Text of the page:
Tourist Tip #137 / The Evangelical Triangle

Important New Testament sites that were pilgrimage stops long ago have been rediscovered and are now back on the Galilee itinerary.

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In the Holy Land, sacred sites have historically had a tendency to play "hide and seek": they were visited or bypassed on ancient pilgrim itineraries depending on how secure travelers felt plying the roads of the Holy Land at the time. When they felt safe on the roads, for example in the fourth-seventh century Byzantine times, they ventured further afield to visit more sites. But other times, pilgrims stayed closer to the beaten track, sometimes “moving” the scene of certain events to safer locales, even if the new location was far removed from the real site.

That, in a nutshell, can explain how the three sites known as the Evangelical Triangle got “lost” over the years. They are the cities of Capernaum, Bethsaida and Korazim near the Sea of Galilee. Jesus mentions them all together (Matt. 11:20) – and not in a good way –  because their inhabitants were not receptive to his teachings.

The first of the three cities to come back on line was Capernaum, rediscovered by the American Bible scholar and explorer Edward Robinson in 1838. Capernaum, which now belongs to the Roman Catholic Custody of the Holy Land, features impressive remnants of an octagonal Byzantine church built over the traditional house of Peter and an ancient synagogue built over an even older one where the New Testament says Jesus preached. There are also first-century houses, the perfect backdrop for the retelling of New Testament stories about Jesus in the town. 

Next to be rediscovered, in the early 1900s, was Korazim, north of the Sea of Galilee, now an Israel Nature and Parks Authority site. Restoration in recent years has brought back to life its beautiful black basalt synagogue, complete with intricate carvings and the replica of the original “Moses seat” (preacher’s seat; Matt. 23:2) dwellings, a ritual bath and a village square.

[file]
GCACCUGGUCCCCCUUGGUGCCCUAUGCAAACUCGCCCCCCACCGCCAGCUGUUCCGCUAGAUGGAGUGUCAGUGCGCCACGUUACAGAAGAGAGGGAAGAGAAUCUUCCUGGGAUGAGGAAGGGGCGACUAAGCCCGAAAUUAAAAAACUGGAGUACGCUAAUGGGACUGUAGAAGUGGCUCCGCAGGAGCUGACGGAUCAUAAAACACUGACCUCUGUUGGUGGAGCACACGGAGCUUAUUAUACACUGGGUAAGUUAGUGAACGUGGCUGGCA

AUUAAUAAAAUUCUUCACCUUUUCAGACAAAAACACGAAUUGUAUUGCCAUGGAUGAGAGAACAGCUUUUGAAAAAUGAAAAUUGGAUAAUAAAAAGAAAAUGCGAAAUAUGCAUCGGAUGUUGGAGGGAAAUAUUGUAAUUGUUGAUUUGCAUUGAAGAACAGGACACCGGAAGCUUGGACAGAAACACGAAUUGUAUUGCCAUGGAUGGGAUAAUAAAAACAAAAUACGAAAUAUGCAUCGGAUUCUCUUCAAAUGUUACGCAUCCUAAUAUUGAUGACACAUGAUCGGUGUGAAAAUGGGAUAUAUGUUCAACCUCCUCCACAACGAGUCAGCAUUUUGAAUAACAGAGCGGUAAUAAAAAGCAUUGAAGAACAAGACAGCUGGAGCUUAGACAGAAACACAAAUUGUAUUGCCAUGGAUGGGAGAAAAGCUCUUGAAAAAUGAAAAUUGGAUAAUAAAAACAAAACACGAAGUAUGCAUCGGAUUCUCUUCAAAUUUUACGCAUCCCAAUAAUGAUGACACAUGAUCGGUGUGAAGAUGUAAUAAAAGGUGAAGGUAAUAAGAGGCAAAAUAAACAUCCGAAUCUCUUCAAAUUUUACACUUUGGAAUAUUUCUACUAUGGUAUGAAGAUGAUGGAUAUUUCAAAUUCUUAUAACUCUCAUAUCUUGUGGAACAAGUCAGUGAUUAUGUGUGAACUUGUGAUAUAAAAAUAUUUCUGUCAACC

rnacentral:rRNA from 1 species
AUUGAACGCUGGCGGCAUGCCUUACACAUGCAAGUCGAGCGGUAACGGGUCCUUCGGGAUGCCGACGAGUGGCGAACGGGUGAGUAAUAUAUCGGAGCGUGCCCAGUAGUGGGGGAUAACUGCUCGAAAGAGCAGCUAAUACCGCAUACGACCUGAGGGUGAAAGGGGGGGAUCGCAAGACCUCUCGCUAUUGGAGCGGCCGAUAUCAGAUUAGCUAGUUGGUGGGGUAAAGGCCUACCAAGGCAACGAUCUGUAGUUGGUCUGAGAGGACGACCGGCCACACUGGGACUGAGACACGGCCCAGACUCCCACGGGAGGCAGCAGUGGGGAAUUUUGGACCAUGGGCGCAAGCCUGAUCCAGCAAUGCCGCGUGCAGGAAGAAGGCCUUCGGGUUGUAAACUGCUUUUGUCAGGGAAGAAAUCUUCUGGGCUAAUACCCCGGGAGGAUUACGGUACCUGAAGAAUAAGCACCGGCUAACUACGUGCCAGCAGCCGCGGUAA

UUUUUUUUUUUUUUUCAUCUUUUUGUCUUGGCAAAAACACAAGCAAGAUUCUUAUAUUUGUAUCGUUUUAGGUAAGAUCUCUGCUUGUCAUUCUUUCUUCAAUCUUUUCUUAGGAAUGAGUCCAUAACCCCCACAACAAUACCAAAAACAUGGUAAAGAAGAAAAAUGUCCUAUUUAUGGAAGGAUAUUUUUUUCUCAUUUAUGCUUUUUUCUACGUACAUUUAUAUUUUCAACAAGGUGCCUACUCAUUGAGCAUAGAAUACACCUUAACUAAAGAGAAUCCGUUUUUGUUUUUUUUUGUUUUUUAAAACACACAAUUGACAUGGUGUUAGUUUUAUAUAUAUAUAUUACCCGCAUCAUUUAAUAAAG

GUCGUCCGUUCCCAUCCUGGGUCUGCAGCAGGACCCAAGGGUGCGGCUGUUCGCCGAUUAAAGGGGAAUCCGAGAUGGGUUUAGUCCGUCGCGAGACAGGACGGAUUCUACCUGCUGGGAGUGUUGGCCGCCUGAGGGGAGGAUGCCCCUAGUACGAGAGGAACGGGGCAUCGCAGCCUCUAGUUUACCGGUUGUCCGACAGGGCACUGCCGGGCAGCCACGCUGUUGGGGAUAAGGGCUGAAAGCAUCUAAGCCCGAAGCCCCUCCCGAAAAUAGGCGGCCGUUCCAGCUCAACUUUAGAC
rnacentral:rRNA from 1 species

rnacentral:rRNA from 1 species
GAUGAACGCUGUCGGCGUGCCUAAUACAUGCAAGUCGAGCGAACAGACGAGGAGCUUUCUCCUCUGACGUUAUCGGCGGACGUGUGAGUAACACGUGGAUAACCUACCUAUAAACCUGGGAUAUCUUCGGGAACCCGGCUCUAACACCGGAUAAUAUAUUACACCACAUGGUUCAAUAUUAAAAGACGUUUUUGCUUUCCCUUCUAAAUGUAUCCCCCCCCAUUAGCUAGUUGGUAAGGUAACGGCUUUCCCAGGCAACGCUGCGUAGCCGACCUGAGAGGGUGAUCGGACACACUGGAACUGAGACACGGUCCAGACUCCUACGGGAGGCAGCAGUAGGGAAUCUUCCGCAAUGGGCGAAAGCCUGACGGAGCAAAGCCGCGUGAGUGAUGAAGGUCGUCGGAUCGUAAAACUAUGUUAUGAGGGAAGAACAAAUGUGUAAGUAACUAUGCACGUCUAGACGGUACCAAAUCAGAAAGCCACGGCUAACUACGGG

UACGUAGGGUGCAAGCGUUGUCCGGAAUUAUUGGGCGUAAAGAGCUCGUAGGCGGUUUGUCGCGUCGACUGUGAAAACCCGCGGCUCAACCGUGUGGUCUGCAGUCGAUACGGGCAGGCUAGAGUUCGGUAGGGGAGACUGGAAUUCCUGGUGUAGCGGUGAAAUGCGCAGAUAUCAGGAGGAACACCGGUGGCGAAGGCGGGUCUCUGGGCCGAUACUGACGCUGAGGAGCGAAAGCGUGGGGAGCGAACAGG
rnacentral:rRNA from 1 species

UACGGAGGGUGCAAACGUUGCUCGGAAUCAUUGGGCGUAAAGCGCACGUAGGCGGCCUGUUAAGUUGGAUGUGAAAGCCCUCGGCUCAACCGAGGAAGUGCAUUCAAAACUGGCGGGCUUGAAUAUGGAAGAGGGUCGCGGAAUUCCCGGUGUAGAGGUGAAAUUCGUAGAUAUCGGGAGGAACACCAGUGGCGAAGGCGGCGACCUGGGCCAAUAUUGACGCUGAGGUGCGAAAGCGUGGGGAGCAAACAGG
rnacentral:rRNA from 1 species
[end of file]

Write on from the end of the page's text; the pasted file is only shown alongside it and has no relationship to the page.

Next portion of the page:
Last to emerge from its mantle of ruins is Bethsaida, an impressive archaeological mound that is still coming to light thanks to excavation by Dr. Rami Arav of the University of Omaha, Nebraska. According to the New Testament, Jesus healed a blind man near here (Mark 8:22-26). The multiplication of loaves and fishes also happened nearby (Luke 9:10-17), although this is apparently one of the events that “migrated” elsewhere; it is now commonly commemorated on the northwest side of the lake at Tabgha. At Tel Bethsaida, located within the Jewish National Fund’s Jordan Park north of the Sea of Galilee, visitors can see houses and a street from Jesus’ time and a biblical gateway a millennium older. A beautiful seating area overlooking the view is a popular gathering place for devotional time as are, in fact, all the sites from the Evangelical Triangle.

Capernaum – Hours: 8 AM–4 PM / Tel: 04-6721059

Korazim National Park – Hours: April-September 8 A.M.-5 P.M.; October-March 8 A.M.- 4 P.M., Fridays and holiday eves: 8 A.M.-3 P.M.; Last entry to site one hour before closing / Tel: 04-693-4982

Tel Bethsaida, Jordan Park – Hours: 8 A.M.–4 P.M. (Winter), 24 hours a day (Summer) / 04-6923422

The two Jesus Trails both end at the Capernaum Orthodox church on the western bank of Lake Kinneret. Credit: De Agostini/Getty Images
The Greek Orthodox Monastery of the Twelve Apostles, Capernaum, the Galilee. Finished only after the Six-Day War, with the interior paintings executed in the 1990s. Credit: From the book 'Israel's Beautiful Churches.'

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